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Early Hum Dev. 1982 Sep;6(4):341-55.

Risk of bilirubin acid precipitation in preterm infants with respiratory distress syndrome: considerations of blood/brain bilirubin transfer equilibrium.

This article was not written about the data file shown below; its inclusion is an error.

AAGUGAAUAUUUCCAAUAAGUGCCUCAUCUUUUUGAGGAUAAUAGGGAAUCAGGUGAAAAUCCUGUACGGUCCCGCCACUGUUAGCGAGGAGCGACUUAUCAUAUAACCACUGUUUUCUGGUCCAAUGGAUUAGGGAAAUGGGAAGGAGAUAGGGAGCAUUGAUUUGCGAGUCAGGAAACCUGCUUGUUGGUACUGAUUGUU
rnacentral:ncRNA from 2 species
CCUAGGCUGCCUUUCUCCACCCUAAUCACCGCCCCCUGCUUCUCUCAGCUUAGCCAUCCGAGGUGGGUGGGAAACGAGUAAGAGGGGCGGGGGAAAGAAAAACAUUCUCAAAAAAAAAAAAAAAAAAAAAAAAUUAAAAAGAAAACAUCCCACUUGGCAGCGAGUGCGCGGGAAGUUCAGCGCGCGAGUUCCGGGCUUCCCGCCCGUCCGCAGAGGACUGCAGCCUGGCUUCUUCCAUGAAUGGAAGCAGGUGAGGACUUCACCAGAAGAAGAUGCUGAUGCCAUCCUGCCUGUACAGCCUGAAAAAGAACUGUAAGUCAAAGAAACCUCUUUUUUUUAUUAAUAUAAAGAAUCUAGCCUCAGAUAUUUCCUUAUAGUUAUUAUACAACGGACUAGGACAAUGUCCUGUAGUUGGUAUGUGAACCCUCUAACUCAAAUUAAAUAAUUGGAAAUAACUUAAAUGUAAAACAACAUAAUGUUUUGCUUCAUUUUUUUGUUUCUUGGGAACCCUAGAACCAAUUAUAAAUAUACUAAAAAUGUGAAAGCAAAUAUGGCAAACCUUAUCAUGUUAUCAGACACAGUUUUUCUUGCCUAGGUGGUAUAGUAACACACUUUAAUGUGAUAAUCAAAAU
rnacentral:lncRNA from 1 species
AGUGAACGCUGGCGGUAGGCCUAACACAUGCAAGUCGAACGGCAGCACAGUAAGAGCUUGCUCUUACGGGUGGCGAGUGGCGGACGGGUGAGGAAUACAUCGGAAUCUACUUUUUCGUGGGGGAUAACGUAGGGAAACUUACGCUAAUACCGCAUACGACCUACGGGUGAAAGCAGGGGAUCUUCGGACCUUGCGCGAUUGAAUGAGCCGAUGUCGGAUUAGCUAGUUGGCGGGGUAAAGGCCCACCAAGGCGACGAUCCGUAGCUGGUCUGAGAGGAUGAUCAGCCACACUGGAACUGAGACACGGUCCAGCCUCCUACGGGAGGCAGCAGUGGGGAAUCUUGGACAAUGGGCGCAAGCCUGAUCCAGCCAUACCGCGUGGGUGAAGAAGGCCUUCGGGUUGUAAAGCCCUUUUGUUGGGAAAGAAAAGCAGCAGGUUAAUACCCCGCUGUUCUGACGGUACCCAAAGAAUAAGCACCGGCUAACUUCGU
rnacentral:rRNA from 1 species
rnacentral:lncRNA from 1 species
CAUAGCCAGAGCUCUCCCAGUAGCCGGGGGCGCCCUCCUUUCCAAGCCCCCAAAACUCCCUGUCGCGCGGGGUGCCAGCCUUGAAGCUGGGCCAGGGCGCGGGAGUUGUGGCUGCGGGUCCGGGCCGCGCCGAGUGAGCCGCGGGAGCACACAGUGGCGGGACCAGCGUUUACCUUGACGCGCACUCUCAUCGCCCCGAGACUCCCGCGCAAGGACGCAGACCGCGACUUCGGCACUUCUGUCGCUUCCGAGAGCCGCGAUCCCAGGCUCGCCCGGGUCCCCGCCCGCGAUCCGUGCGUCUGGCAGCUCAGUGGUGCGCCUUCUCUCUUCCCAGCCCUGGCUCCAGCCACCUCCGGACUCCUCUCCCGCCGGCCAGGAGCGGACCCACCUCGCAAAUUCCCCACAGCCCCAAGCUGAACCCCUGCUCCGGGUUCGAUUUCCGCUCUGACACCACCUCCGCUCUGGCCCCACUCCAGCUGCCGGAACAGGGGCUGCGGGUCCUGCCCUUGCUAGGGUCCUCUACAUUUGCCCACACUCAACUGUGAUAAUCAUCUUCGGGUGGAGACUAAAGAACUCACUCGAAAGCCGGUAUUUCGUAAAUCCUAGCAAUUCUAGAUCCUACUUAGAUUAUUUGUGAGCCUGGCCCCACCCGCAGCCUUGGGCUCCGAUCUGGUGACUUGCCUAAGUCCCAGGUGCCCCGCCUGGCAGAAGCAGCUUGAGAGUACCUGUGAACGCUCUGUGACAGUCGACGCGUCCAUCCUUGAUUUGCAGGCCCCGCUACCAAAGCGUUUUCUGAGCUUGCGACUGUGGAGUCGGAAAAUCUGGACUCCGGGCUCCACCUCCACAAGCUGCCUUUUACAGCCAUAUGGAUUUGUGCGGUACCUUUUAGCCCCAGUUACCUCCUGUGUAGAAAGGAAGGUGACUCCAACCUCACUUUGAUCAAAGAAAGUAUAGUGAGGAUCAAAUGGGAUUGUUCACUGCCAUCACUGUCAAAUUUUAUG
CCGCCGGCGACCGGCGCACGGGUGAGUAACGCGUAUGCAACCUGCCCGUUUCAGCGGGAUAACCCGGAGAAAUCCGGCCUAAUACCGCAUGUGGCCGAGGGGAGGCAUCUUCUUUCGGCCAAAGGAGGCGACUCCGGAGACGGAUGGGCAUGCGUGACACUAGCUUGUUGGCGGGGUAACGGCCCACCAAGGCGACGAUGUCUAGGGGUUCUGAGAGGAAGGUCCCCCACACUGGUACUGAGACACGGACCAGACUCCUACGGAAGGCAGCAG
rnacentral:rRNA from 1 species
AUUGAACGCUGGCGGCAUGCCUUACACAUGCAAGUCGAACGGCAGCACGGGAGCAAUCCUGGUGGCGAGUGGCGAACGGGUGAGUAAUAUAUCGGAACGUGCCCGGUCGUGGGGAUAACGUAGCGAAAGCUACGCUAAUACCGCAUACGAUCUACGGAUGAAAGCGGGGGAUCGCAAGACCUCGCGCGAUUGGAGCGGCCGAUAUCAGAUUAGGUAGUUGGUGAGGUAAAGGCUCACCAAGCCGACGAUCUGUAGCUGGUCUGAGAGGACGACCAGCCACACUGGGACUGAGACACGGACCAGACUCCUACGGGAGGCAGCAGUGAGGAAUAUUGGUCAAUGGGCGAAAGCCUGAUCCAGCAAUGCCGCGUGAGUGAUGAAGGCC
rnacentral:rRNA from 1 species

Twenty-six preterm infants with respiratory distress syndrome (RDS), were examined daily during the first 6 days of life. Twenty-six equally preterm but clinically well infants served as controls. In the RDS infants, plasma albumin concentration was low, hyperbilirubinemia was prolonged, plasma pH was decreased during the first two days, and the concentration of reserve albumin for binding of monoacetyldiaminodiphenylsulfone (MADDS), a deputy ligand for bilirubin, was decreased on the second throughout the sixth day, when compared with the controls. These factors concur in increasing the likelihood of bilirubin acid precipitation in RDS above the increased risk present in preterm infants. The plasma of the preterm controls was supersaturated with respect to crystalline bilirubin acid by an average factor 5 (index of plasma bilirubin toxicity = 0.7) on the first day of life, peaking at a factor 10 (index 1.0) on the third and fourth days while these factors were 10 and 20 (index 1.0 and 1.3), respectively, in the RDS infants. Two of the latter surpassed a level of 60 times supersaturation (index 1.8) where acute precipitation of amorphous bilirubin acid becomes possible.

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